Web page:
For example, suppose the capital investment forecast in a given year equals $10m, and the debt leverage assumption is 60%. In that case, the model will inject $6m of debt at the beginning of that year (i.e. 60% x $10m = $6m).
Lastly, the model estimates the level of payments required to pay off the debt over time. The spreadsheet also makes assumptions about other terms of the debt, such as the number of draws, arrangement fees, interest percentage and interest-only period.
Note that the model links the debt calculations to the rest of the forecast. You can use the cumulative post-debt financing cash flow to estimate the amount of the required equity investment to close the remaining capital deficit.
Learn More: Visit my tutorials on How to Create an Excel Financial Model with Debt Financing and How to Create a Project Finance Model in Excel for other examples of cash flow forecasts with debt financing.
Step 8. Present Telecom Forecast as a Cash Flow Statement
Aggregate the output of the telecom cash flow forecast so it’s easier to summarise and spot revenue and cost trends. Also, group the cost labels into broader categories to explain the projections and the use of invested funds.
My Telecom Financial Model’s Excel Template splits the cash flow into the following standards categories:
- Operating Activities: revenue and costs related to day-to-day business, such as revenues from provided services and direct and operating costs,
- Investment Activities: in the case of a telecom model, those numbers primarily consist of the infrastructure spending, such as the core network build, network connections and equipment,
- Financing Activities: this part explains how the debt and equity will finance the cash requirement resulting from the telecom plan.
Notice that the model links the numbers from the cash flow statement to other spreadsheet parts, such as the Balance Sheet or Profit and Loss Statement. Therefore, remember to interconnect the calculation outputs so a change in one cell automatically affects the others.
Learn More: Visit my tutorial on How to Create a Real Estate Investment Model in Excel for another example of an infrastructure cash flow forecast template.
Step 9. How to Calculate Returns on Investment in a Telecom Model
Use the cash flow forecast to calculate returns on investment in telecom or any other infrastructure model. Estimate the level of equity required using the deficit in the post-debt financing cash flow balance. Then, compute the terminal value to calculate the returns on investment.
My Telecom Financial Model’s Excel Template uses EBITDA and its multiplier to calculate the terminal value of a project. For example, if the EBITDA at the final exit year equals $1m and the EBITDA multiplier is 10.0x, the terminal value will be $10m ($1m x 10 = $10m).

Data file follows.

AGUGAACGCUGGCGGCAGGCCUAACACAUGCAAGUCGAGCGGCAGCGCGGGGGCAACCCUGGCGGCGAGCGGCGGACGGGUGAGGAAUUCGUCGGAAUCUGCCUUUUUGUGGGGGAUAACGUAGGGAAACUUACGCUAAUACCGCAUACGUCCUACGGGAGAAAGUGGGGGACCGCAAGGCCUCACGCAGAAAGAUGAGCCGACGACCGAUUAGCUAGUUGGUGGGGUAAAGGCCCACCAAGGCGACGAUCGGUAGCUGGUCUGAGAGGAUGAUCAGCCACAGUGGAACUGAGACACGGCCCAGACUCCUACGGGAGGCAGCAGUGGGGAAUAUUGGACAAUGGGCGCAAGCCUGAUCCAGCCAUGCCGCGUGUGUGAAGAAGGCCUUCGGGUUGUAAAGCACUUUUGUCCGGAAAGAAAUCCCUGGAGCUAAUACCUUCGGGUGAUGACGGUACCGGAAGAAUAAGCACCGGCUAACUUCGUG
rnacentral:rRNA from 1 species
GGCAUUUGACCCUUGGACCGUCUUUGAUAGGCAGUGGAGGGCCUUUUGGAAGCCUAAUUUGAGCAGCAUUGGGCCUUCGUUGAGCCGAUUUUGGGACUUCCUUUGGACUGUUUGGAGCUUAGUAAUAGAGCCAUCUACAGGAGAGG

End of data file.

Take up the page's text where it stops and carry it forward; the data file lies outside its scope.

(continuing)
For examples of EBITDA multipliers and other valuation techniques in the telecom industry, visit this page [external link].
To forecast the needed equity injections, take the cash from the operating and investing activities and add debt financing. The resulting annual cash deficits will reflect the additional equity investment.
Then, calculate a telecom project’s Internal Rate of Return and Net Present Value using Excel’s IRR and NPV formulas.
Lastly, complete the return on investment calculations with cash flow breakeven month and payback period. The former illustrates when an infrastructure project becomes profitable. On the other hand, the latter shows how long it will take for an investor to get their money back.
Learn More: Visit my tutorials on How to Create a Project Finance Model in Excel and How to Create a Real Estate Investment Model in Excel for more examples of calculating return on equity investment in infrastructure projects.
Step 10. Stress Test the Assumptions and Cash Flow Model
When building a telecom cash flow forecast, place the main assumptions next to the annual summary. That way, you can quickly test how a change in input affects the overall output of the model.
As with most infrastructure projects, a telecom’s cash flow forecast will heavily depend on an initial investment funding the construction and deployment costs. Accordingly, the investors recoup their financing from customers’ revenue collected over time. As a result, the returns on equity will be sensitive to changes in significant build and pricing assumptions.
My Telecom Financial Model’s Excel Template uses Excel’s data tables to summarise how a change in a set of assumptions affects the return on investment. For example, you can test the impact of build cost and length on the payback period.